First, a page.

Right in the middle of downtown Birmingham is a giant historic building (once a department store) that has, over the years, been remade into a megaplex of science and learning. The McWane Center came from the merging of two Birmingham-based museums— The Red Mountain Museum and the Discovery Place— in 1991. It was initially named Discovery 2000, but after receiving overwhelming financial support from the McWane family (one of the largest manufacturers of water and sewer piping in the world, and also a major funding source of the Vulcan in Birmingham), it received it’s new name and opened to the public in 1998.
With all of that comes a conglomeration of exhibits that will keeps kids (and honestly adults too) entertained and engaged all day. There’s the Science Quest exhibit on the main floor, which is full of all kinds contraptions and gizmos to build, play, or mess with— anything from being able to lay on a bed of nails to building a laser maze with mirrors to configuring robots to playing soccer on a greenscreen.
There’s also the IMAX dome theater, where 280 people can lean back as a 5-story, 79-foot diameter dome plays films and documentaries highlighting a number of educational topics come to life. And while it is cool to feel like you’re actually under the ocean and swimming with the sharks on the big screen, the coolest part is before and after the films when you can see through the screen and marvel at all the internals behind the dome.
On the lower level of the center is the World of Water aquarium, which has freshwater exhibits of Alabama wildlife as well as an area where you can pet sharks and rays. On the 2nd floor is the legacy of the Red Mountain Museum, an exhibit that houses fossils, gemstones, and Native American artifacts from the state of Alabama. This includes a fossil of the appalachiosaurus (AKA the Alabama T-Rex).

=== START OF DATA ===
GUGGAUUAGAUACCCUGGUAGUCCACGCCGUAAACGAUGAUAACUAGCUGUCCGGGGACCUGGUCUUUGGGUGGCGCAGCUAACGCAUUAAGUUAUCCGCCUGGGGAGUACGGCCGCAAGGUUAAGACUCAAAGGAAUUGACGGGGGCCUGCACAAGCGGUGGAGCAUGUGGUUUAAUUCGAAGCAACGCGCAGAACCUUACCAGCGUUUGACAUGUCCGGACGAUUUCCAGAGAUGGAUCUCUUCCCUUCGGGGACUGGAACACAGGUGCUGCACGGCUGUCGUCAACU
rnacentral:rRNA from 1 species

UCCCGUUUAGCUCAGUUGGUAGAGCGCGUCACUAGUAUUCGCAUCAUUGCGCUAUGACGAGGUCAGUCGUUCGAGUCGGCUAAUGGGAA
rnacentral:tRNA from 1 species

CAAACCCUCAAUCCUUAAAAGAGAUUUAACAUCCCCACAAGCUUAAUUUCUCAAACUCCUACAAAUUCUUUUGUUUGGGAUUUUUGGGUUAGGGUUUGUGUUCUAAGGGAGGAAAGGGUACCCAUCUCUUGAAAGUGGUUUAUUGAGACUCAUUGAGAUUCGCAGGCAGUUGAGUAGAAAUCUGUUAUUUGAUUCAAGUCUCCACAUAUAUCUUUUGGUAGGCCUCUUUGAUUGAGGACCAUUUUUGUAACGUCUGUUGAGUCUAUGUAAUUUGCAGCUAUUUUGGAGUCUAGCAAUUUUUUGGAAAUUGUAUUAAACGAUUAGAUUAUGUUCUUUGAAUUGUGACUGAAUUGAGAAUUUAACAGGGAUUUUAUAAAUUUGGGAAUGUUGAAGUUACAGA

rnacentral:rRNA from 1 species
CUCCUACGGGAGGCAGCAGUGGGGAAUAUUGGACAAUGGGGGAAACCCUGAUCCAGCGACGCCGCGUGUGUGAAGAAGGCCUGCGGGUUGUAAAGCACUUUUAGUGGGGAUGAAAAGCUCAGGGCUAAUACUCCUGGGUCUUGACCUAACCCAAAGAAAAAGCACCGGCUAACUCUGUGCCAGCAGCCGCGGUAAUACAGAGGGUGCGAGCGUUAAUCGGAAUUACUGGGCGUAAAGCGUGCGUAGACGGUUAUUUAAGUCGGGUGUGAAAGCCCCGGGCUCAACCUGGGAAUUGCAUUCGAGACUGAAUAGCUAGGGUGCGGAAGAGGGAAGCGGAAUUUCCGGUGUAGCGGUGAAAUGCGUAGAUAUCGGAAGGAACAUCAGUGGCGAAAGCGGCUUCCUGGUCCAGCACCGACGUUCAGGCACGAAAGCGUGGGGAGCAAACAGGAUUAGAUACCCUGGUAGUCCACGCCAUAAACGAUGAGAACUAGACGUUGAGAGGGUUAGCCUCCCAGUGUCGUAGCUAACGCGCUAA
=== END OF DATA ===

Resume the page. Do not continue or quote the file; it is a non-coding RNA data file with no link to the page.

The third floor is more fluid, with seasonal exhibits. I’ve seen it be all engineering based, with bridge-building simulators and electrical circuit wiring basics. I’ve also seen it as a giant paper plane test facility.
Finally, there’s the Challenger Learning Center, a space shuttle simulation that is in memory of the Challenger flight 51-L crew.
Growing up in Alabama, I couldn’t even count how many times I went here on field trips... And how many more times my parents took me back. It really was a formative place in my childhood.
All of that said, though, the one part of the whole museum that sticks out the most to me was the Vulcan’s Dream machine in the lobby.
I would sit and watch this thing go perpetually for 15-minutes on end. The ball bouncing off of the wooden acoustics at the 41-second mark in the video would echo from the lobby all the way in to the main exhibits, and, quite honestly, that sound still echoes in my brain at random moments today.